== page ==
This page contains a single entry from the blog posted on July 5, 2006 2:47 PM. The previous post in this blog was There's gonna be a showdown. The next post in this blog is Appeal dismissed. Many more can be found on the main index page or by looking through the archives.

E-mail, Feeds, 'n' Stuff

Wednesday, July 5, 2006

Days of the old schoolyard

Last evening's post about the Madeleine School yard brought in a nice e-mail response from reader Mike Rose, who writes:

I attended Madeleine grade school 1946-1954, before the playground was blacktop. In those days it was as you describe: clay, with patches of gravel and ruts eroded by the ever-present Portland rain. As I recall, there were 2 baseball backstops....one at the NW corner of 23rd and Klickitat, the other diagonally across on the 24th ave side, up against the school building. A sidewalk stood between the school building and the playground, and the black habited nuns would stand there and monitor our recess activity, whistles around their necks, using them regularly to slow us down if we were chasing the girls too fast, or otherwise engaging in some prohibited activity. Back to class was signaled by one of the nuns clanging a bell.

We'd play softball and baseball, as well as soccer and football. Falling down would earn us gravel ground into our hands and knees, and possibly a rip in our salt 'n pepper corduroys, paired with our navy blue sweaters and white shirt uniforms which were mandatory for most of the school year.

Our team, the Madeleine Mighty Mites, was coached by Fr. James Dillon, a younger priest who was assistant pastor to Msgr. George Campbell, who aspired to Archbishopric, but never made it, as Edward Howard outlived him. Campbell drove the fundraising to build the "new", current church. He had elegant taste, and insisted on the quality construction and traditional, gothic design that distinguishes the edifice. His taste also dictated the fine, gold lame Mass vestments that hung in the vestry and were used for special Mass occasions.

As an altar boy, I was fortunate enough to be asked back to serve at the dedicatory Mass for the new church, which was completed and opened just after we had graduated and moved on to Central Catholic HS in 1954.

Other neighborhood minutiae includes a vacant lot, directly across Klickitat from the old playground...resplendent with fir trees, scotch broom, dusty paths, blackberries and hideaways, where we often played as kids. At the Fremont end of the lot, there existed the Alameda drug store, complete with traditional soda fountain, with real milkshakes, cokes and green river sodas. Arden ice cream was the brand they scooped. Next to the drugstore on Fremont was John Arneson's barber shop, as well as John Rumpakis' shoe repair. Upstairs was jack Hamil's dentist office (mercury in the silver fillings!!!....how did we all survive?) South of the drugstore on 24th was the upscale Alameda market, with oiled wood floors, where the grocer filled your order, and delivered to your home in a black, Plymouth paneled delivery. The SE corner of Fremont and 24th was a Safeway store, while the north side of Fremont were Chevron and Shell "service" stations on either side of 24th. I and my family were customers/patients of all noted above.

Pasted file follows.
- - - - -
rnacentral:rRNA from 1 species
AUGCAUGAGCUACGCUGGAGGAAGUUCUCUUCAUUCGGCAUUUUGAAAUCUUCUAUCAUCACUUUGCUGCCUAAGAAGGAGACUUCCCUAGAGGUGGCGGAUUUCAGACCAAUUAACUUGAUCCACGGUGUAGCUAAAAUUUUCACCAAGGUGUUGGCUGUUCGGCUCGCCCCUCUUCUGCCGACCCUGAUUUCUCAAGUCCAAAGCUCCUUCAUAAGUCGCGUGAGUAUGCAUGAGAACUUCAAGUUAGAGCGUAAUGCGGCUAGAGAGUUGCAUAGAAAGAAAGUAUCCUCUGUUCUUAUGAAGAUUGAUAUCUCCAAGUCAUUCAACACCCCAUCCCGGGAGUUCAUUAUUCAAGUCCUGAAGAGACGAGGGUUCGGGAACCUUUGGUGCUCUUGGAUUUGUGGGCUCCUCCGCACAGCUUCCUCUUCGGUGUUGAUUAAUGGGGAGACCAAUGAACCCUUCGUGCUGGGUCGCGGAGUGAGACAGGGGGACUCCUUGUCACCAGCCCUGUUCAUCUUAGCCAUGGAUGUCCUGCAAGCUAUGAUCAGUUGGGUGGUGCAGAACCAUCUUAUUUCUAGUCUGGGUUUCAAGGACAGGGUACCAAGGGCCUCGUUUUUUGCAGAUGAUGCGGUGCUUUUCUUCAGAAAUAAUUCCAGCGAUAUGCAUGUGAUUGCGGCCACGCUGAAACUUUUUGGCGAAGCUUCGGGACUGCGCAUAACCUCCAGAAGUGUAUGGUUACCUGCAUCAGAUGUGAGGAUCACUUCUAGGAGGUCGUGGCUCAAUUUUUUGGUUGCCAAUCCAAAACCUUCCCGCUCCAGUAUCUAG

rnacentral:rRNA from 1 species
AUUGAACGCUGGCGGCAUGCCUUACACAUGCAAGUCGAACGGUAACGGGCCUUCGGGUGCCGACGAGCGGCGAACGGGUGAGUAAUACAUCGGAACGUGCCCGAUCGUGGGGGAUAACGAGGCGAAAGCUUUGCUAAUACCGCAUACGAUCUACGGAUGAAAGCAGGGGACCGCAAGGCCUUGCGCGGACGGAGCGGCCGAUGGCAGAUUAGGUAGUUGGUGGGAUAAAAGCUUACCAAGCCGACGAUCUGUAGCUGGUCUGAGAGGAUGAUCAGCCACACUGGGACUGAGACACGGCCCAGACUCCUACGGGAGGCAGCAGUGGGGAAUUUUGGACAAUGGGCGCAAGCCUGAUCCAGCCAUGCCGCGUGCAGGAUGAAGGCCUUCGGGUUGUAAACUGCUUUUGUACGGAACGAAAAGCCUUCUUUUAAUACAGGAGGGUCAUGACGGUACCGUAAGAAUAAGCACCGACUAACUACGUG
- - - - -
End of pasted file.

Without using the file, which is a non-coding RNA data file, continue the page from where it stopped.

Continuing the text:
I grew up on 21st, between Fremont and Klickitat....often sold Kool-Aid and used comics at curbside. The Broadway street car (Portland Traction Co) ran south to downtown on 22nd, and back to our neighborhood north on 24th. Buses replaced the streetcars sometime in the 50s.

I remain in touch with a few of my classmates who still live in Portland. Indeed, my first girlfriend from way back then, lives today in her parents' home where she grew up, and still has the same phone number I dialed 55+ years ago (fewer digits....if memory serves, methinks the prefix was GA-rfield xxxx....which then became AT-lantic 4-xxxx....and is now 284-xxxx).

This exercise taxes my old brain....but what a fun trip back it was. More minutiae than you ever imagined, I'm sure.

Yeah, but all good stuff, Michael! Thank you.

Comments (1)


My tenure was 1936 to 1944. It was much as described, altho during the war the north side of the play ground was piled high with tin cans and other recyclable metal. The dentist, where I spent a very great deal of time, was Jack Southworth. I looked not long ago and the grocery store at 24th and Freemont still has the same oiled wooden floors. We could ride on the back of the Broadway street car up the hill on 24th to Regents Drive where we would pull the trolly off the overhead power wire and run. When the bell rang to end recess we all had to line up single file, separately by sex, with our arms folded over our chests and march in to the main hallway. There was one eighth grade boy who was still wearing salt and pepper cords but they were knickers, not long pants. That memory lingers. On Saturdays we would sneak up the iron stairs to the gym on the second floor and spy on the nuns roller skating.

John Holden

Posted by: John Holden at July 6, 2006 04:14 PM

[Posted as indicated; restored later.]

Clicky Web Analytics